Not a day passes that social media feeds are not inundated with tons of posts relating to cryptocurrencies. Typically, the views are highly polarised, ranging from how individuals have become overnight millionaires by investing all their life savings into cryptocurrencies to comparisons with practically every major financial crash in the history of mankind and opinion posts of how cryptocurrencies could drop to zero at any time.

Unfortunately, the media headlines on cryptocurrencies have created a smokescreen with many people missing the wood for the trees. What is really interesting is the technology that is permitting these cryptocurrencies to achieve such a widespread distribution, effectively creating one global market for an asset, which, this time is a currency like thing but could be a thing really. There is the need for less talk about Bitcoin and more talk about blockchain.

In the same way that the internet has revolutionised practically every existing industry, be it shopping, entertainment, charities, financial services, gaming, social interaction and the like, blockchain has the potential to propel us into the next era of technological development.

The internet ‘of things’ (I0T) will soon become mainstream talk. Malta has already managed to position itself as a blockchain-friendly jurisdiction. Back in September, the island grabbed the headlines by launching a blockchain based education certification system, rather than relying exclusively on the good old paper certificates. Weeks later, a local enterprise by the name of Ledger Projects launched their own blockchain-based tool for notaries handling property transfers.

All of these were symptomatic of the blockchain ecosystem growing on the island. Many professionals in all fields have noticed the relevance of this development and have dedicated time and focus to it. A regular steam of proposals emerged over the last year of so.

It is with this in mind that Malta has embarked on creating a legal framework around the use of distributed ledger technology, which is set out in the consultation document issued by the Parliamentary Secretary for Financial Services, Digital Economy and Innovation within the Office of the Prime Minister. Malta is not alone in aiming to create a legislative framework for blockchain. The main difference, however, is that while some other jurisdictions have focused predominantly on the use of such technology within the financial services sector, the reality is that this technology has already spread well beyond the remits of financial services.

The consultation documents reflect this by suggesting the setting up of a Malta Digital Innovation Authority, which will initially be tasked with focusing on distributed ledger technology but in the future could also extend to other technological innovations, such as artificial intelligence, another mind-boggling innovation.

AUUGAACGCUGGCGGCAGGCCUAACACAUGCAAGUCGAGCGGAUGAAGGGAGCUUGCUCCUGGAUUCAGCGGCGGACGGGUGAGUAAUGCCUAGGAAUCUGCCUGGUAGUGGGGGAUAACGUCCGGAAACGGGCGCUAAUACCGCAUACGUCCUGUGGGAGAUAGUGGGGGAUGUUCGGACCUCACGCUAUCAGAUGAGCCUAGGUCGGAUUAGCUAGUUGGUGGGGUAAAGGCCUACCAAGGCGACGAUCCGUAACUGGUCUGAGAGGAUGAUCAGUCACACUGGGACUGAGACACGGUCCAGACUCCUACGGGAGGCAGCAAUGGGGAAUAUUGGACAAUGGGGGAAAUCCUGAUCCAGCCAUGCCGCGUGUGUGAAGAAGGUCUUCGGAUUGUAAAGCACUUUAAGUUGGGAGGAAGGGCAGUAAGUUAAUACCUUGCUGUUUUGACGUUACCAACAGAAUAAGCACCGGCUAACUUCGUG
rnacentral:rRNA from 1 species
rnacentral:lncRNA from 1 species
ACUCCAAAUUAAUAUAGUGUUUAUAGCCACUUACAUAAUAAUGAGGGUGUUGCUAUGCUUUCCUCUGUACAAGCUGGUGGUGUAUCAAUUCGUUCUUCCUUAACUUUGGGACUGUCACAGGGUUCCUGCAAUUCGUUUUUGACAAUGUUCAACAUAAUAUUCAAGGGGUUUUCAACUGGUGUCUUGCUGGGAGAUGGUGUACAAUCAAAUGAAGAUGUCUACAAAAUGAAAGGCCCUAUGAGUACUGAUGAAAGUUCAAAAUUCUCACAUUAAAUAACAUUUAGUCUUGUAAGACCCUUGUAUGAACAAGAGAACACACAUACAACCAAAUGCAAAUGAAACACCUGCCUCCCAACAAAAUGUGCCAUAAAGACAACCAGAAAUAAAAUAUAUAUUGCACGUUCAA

The need for a Malta Digital Innovation Authority is one of the three pillars of the consultation document. The second main principle that emerges from the consultation document is the need to create a framework to allow for the voluntary registration of technology service providers and the certification of distributed ledger platforms.

While there are many libertarians who argue against legislation in this area, there is a strong argument to be made that, until legal certainty is provided and until the technology is provided with a stamp of approval, it will remain a fringe technology which does not achieve its full potential. Malta is clearly embracing the latter approach while appreciating that the key will be in finding the right balance between achieving these positive aims without suffocating innovation. The third pillar is slightly distinct as it focuses on new products and new players in the financial services industry which are emerging as a result of this technology and which are to a degree competing with existing regulatory regimes under the remit of the Malta Financial Services Authority.

The terms ICO (initial coin offering) or TGE (token generation events) have been extensively used in the market as a way how to use coins/token to fund new initiatives in the market. Theses coins or tokens can vary from a customer loyalty scheme to a de facto replica of shares in a company or a currency.

Unfortunately, the current regulatory regime did not anticipate the quantum leap taking place as a result of this new technology and, therefore, it ends up being a matter of fitting a square peg into a round hole. Issuers are often uncertain about which regulatory framework to apply, purchasers are not clear about the legal rights and regulators are taking different approaches on detail. Defining standards and obligations on operators in this space will provide some badly-needed legal certainty and recognition to an industry that is in a hurry.

Apart from the issue of products, the framework being developed by the MFSA will also focus on a number of service providers in this space such as wallet providers and exchanges. This also follows the trend at European levels where custodian wallet providers and virtual currency exchanges will become subject persons in terms of the Fifth Anti-Money Laundering Directive.

The consultation document clearly shows Malta’s vision to be a trailblazer in this industry and create a new niche in the Maltese economy. Being first movers has its difficulties and challenges but the signs on the horizon
are positive.

This article was published in the Times of Malta, 2 March 2018.

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